In the above example (Fig. 1), assuming normally alternating turns, if the computer has the choice at level A, its opponent will have the choice at B, and the computer will again have the choice at C. Since the computer is trying to maximize its score, it can know ahead of time what it would choose should any given C node be reached. C1 thus effectively has a score of 5, C2, 11, C3, 8, and so on. When the opponent has a choice to make at B, however, they will choose the path that leads to the C node with the lowest effective score. Thus, the score of each B node can be thought to be the minimum of the effective scores of the C-nodes it leads to. For example, B1's score would be 5 (the minimum of 5, 11, and 8, as calculated above). B2 and B3 can be calculated in a similar fashion. Finally, we are back to the current turn. The computer now knows what will come of choosing B1, B2, or B3; and, though the actual endgame is many turns away, it will choose the maximum of those three for the best possible result. Note that, if the opponent does not behave as predicted, the calculation can simply be re-run, taking the current state as the starting node, and a result as good (or better) than what was predicted will still be achieved.

A major problem with this approach is how pessimistic it is. In a trivial example like the one above, minimax is useful because it is a reasonable expectation that the computer's opponent can figure out what its best options are; in more complex games, however, this will not be so clear, and a computer running the minimax algorithm may sacrifice major winnings because it assumes its opponent will "see" a move or series of moves which could defeat it, even if those moves are actually quite counterintuitive--in short, the computer assumes it is playing an opponent as knowledgeable as itself.

In reality, however, an exhaustive use of the minimax algorithm, as shown above, tends to be hopelessly impractical--and, for many win-or-lose games, uninteresting. A computer can compute all possible outcomes for a relatively simple game like tic-tac-toe (disregarding symmetric game states, there are 9! = 362,880 possible outcomes; the X player has a choice of 9 spaces, then the O has a choice of 8, etc.), but it won't help. As veteran tic-tac-toe players know, there is no opening move which guarantees victory; so, a computer running a minimax algorithm without any sort of enhancements will discover that, if both it and its opponent play optimally, the game will end in a draw no matter where it starts, and thus have no clue as to which opening play is the "best." Even in more interesting win-or-lose games like chess, even if a computer could play out every possible game situation (a hopelessly impossible task), this information alone would still lead it to the conclusion that the best it can ever do is draw (which would in fact be true, if both players had absolutely perfect knowledge of all possible results of each move). It is only for games where an intelligent player is guaranteed victory by going first or second (such as Nim, in many forms) that minimax will prove sufficient.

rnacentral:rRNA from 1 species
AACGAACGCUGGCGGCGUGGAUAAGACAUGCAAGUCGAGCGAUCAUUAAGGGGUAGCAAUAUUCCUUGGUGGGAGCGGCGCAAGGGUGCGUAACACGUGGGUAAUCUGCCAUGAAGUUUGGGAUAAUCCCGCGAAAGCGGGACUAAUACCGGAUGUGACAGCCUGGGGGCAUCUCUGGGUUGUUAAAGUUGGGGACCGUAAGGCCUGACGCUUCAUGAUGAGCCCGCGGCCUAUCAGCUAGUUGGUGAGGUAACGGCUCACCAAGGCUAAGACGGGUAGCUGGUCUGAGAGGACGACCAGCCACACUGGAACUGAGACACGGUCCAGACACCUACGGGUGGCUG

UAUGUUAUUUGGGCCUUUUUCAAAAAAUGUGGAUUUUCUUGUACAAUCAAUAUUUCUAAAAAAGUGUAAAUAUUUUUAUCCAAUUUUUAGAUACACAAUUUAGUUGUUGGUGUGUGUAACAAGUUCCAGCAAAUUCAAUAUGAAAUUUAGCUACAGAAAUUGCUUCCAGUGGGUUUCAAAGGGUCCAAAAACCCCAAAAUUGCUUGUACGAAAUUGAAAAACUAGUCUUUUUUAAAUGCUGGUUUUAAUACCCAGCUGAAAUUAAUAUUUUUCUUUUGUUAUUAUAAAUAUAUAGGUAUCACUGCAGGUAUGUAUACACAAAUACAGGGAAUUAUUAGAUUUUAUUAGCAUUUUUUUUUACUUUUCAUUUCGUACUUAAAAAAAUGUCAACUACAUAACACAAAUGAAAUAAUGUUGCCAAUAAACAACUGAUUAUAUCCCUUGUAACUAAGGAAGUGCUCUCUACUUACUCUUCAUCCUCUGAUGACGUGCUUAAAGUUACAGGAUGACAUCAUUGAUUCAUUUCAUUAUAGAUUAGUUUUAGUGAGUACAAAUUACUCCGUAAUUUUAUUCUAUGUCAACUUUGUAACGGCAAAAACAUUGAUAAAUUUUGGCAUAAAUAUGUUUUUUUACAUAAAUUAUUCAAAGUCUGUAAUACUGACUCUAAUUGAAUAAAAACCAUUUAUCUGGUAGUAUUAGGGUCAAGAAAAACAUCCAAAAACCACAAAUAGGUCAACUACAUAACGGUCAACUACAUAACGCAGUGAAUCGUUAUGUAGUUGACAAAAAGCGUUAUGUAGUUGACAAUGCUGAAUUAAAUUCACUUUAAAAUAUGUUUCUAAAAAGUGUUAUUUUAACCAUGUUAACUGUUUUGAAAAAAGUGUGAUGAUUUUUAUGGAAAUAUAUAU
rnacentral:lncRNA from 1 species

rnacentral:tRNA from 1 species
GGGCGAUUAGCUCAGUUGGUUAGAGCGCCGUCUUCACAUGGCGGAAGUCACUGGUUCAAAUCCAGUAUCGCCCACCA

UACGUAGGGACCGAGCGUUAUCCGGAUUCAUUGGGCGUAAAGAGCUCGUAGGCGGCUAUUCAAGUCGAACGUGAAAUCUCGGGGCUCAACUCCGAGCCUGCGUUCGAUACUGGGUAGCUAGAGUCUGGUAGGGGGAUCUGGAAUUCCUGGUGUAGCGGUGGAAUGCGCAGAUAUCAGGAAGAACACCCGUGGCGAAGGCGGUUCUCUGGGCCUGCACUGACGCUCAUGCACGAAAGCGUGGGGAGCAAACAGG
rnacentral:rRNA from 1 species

However, minimax is still useful when employed with heuristics which approximate possible outcomes from a certain point. For a game like chess, for instance, pieces are often assigned values to approximate their relative strengths and usefulness for winning the game (queen = 9, rook = 5, etc.). So, while a computer may not be able to envision all possible situations down to checkmate from the first move, it may be able to tell which move is more likely to lead to a material advantage.

Games with random elements (such as backgammon) also make life difficult for minimax algorithms. In these cases, an "expectimax" approach is taken. Using the probabilities of certain moves being available to each player (the odds of dice combinations, for example) in addition to their conflicting goals, a computer can compute an "expected value" for each node it can reach from the current game state. As actual game events take place, the possibilities must be frequently refreshed; yet, this approach still allows for intelligent moves to be made.